Anecdotal testimony about acute crisis stress and memory formation is contradictory. Stressful, aversive events are extremely well remembered, or people seem unable to recall the experience or any specific aspect of it. Scientific research has also produced mixed findings. For example, research on post-traumatic stress provides support pointing to the deep-rooted formation of indelible (unforgettable) memories during acute stress contexts. If acute stress does serve to enhance memory formation that would suggest that the ability for forming memories is evidently beneficial for survival, but the very same mechanism may become maladaptive and lead to posttraumatic stress disorders (PTSD). The less than fully satisfying conclusion is that crisis stress can have impairing, enhancing, or absolutely no influence on memory systems, recall, or new memory formation.
ASR-released hormones are known to enhance post-learning consolidation of aversive memories but are also thought to have immediate effects on attentional, sensory, and mnemonic processes at memory formation. The effects of acute stress on memory include possible interference with a person’s capacity to encode memory and the ability to retrieve or recall previously remembered information. During times of high stress, the body reacts by secreting various stress hormones into the bloodstream. Over-secretion of stress hormones may impair long-term delayed recall memory, but can enhance short-term, immediate recall memory. This aspect is particularly relative in emotional memory. The hippocampus, prefrontal cortex and the amygdala are affected. One class of stress hormone responsible for negatively affecting long-term, delayed recall memory is the glucocorticoids (GCs), the most notable of which is cortisol. Glucocorticoids facilitate and impair the actions of stress in the brain memory process. Under routine circumstances, the hippocampus regulates the production of cortisol through negative feedback because it has many receptors that are sensitive to these stress hormones. However, an excess of cortisol can impair the ability of the hippocampus to both encode and recall memories. These stress hormones are also hindering the hippocampus from receiving enough energy by diverting glucose levels to surrounding muscles.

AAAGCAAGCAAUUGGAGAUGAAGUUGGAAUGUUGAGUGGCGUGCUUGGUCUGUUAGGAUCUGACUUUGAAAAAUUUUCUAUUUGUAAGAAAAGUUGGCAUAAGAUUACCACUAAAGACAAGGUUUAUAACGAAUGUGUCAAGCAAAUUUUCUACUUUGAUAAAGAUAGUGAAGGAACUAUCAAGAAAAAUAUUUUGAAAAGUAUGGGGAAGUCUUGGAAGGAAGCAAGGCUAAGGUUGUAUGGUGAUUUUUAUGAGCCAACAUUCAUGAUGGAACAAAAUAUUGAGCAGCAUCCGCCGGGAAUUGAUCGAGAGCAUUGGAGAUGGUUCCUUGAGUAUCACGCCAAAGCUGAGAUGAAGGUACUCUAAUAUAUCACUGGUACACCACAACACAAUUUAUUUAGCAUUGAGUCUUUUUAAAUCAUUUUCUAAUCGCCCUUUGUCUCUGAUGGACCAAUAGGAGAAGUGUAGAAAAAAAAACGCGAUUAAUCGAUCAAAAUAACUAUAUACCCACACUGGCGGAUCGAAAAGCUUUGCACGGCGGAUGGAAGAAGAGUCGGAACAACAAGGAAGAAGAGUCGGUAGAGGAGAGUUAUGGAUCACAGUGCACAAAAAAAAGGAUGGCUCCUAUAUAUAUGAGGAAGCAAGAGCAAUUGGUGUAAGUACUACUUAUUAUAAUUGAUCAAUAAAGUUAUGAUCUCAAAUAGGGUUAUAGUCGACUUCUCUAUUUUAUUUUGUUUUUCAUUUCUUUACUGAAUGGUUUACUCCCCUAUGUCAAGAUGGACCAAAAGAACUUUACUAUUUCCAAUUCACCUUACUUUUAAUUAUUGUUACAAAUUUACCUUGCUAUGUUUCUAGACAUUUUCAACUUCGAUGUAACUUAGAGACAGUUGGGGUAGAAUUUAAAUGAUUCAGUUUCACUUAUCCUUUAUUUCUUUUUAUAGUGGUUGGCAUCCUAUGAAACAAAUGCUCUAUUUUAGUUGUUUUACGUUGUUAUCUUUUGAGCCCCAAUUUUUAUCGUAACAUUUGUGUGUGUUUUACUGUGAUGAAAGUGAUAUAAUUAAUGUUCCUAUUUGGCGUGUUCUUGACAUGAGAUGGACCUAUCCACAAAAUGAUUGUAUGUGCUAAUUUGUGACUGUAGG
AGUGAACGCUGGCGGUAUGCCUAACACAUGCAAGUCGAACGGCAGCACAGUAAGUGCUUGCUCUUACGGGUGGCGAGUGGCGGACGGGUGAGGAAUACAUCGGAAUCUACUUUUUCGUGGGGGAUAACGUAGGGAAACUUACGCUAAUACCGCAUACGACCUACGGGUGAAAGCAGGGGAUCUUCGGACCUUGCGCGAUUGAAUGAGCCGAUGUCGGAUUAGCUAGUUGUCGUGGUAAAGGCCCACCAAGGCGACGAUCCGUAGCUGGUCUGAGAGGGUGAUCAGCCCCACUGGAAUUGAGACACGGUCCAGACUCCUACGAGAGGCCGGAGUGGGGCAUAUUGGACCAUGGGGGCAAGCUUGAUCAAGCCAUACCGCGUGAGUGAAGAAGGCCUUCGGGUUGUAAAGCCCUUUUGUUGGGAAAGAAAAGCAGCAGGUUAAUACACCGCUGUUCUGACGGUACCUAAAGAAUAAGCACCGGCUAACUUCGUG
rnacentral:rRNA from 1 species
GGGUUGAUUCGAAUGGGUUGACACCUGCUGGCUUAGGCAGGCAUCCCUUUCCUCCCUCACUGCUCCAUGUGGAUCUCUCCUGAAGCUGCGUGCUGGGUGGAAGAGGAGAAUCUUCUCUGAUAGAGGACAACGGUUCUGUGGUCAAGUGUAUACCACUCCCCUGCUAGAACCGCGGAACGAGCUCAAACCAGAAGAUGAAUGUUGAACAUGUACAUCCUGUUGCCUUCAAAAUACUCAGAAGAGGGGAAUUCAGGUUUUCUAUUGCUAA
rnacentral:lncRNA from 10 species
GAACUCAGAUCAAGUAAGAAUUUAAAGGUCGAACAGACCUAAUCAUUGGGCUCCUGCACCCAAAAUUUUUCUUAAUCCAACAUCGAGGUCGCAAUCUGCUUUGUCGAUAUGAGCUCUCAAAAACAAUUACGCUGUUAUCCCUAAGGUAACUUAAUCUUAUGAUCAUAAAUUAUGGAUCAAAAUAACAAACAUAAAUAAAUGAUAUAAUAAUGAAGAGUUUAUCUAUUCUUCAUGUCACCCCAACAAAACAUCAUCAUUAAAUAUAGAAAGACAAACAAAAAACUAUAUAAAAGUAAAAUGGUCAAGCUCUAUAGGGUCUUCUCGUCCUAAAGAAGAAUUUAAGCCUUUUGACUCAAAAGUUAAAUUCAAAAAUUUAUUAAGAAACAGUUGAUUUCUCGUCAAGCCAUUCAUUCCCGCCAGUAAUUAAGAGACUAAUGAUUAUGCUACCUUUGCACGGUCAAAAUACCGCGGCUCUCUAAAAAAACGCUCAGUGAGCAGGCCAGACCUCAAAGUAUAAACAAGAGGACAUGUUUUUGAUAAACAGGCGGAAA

Memory Retrieval and the Formation of New Memories During Crises